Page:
Corn syrup is a staple in candy-making and some baking projects, but isn't generally used in home kitchens on a day-to-day basis. Because of this, the same container of corn syrup can sit in the pantry for months or even years. Because corn syrup can go bad, it's important to know the telltale signs that the bottle belongs in the trash.
According to the frequently asked questions section on the Karo Syrup website, corn syrup can be consumed safely as long as it appears normal. However, the website mentions that there is a best-by date stamped on each bottle, and that it's best if the product is consumed by that date. This date should be present on all containers of corn syrup. If the corn syrup is past that date or doesn't have a date stamped on it, the likelihood that it has spoiled is greater.
The Karo Syrup website states that it's normal for clear corn syrup to become yellowish over time, especially if it is stored in direct sunlight. This is not an indicator of spoiled corn syrup. As long as the corn syrup hasn't passed its best-by date, the site says it is still safe to consume.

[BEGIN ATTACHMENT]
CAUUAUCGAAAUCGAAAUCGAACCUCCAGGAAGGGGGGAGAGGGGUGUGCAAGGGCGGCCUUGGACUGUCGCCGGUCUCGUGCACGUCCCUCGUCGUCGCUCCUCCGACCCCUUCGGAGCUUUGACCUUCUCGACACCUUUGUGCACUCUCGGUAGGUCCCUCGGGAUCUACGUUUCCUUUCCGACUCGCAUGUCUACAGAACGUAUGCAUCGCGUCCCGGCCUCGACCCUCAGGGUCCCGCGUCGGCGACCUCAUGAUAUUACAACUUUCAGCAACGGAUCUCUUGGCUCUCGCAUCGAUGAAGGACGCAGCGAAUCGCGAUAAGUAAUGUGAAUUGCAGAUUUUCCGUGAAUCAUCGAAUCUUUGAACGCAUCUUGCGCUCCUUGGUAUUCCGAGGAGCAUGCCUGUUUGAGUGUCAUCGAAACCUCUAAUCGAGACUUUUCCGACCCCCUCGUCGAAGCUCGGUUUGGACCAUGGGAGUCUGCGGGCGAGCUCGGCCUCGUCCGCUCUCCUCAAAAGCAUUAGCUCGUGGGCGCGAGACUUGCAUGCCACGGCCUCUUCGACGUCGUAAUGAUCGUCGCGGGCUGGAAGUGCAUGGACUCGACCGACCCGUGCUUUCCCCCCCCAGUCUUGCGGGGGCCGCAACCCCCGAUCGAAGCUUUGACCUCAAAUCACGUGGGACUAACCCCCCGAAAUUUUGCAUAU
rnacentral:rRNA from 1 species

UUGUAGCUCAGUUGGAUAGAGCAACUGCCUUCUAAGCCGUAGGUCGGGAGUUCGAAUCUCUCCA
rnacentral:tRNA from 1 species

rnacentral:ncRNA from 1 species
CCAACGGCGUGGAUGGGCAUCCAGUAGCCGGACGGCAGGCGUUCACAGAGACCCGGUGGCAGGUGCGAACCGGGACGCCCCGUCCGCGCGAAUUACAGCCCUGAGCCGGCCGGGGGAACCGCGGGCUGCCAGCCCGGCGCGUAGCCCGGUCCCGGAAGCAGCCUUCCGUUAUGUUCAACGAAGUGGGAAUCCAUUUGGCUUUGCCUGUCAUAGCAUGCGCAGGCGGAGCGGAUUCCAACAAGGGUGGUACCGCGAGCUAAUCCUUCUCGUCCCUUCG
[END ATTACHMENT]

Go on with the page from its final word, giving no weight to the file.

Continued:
If the corn syrup appears cloudy or there is a haze on the bottle, the product probably has begun to mold. This is a common thing with corn syrup, especially if the bottle isn't capped tightly. If either of these conditions appear in the corn syrup, throw it out.
Fermentation is also a common problem in open bottles of corn syrup, particularly if foreign food particles have made their way into the bottle. If the corn syrup appears to be bubbly or has a foamy film, it should be discarded.
If you aren't sure whether corn syrup has spoiled, open the bottle and sniff the syrup. If it smells like alcohol, bitter or oversweet, don't ingest it. This can also be an indicator that the corn syrup has either molded or fermented.
- Karo Syrup FAQ
- Sweet!: From Agave to Turbinado, Home Baking with Every Kind of Natural Sugar and Sweetener; Mani Niall; 2008
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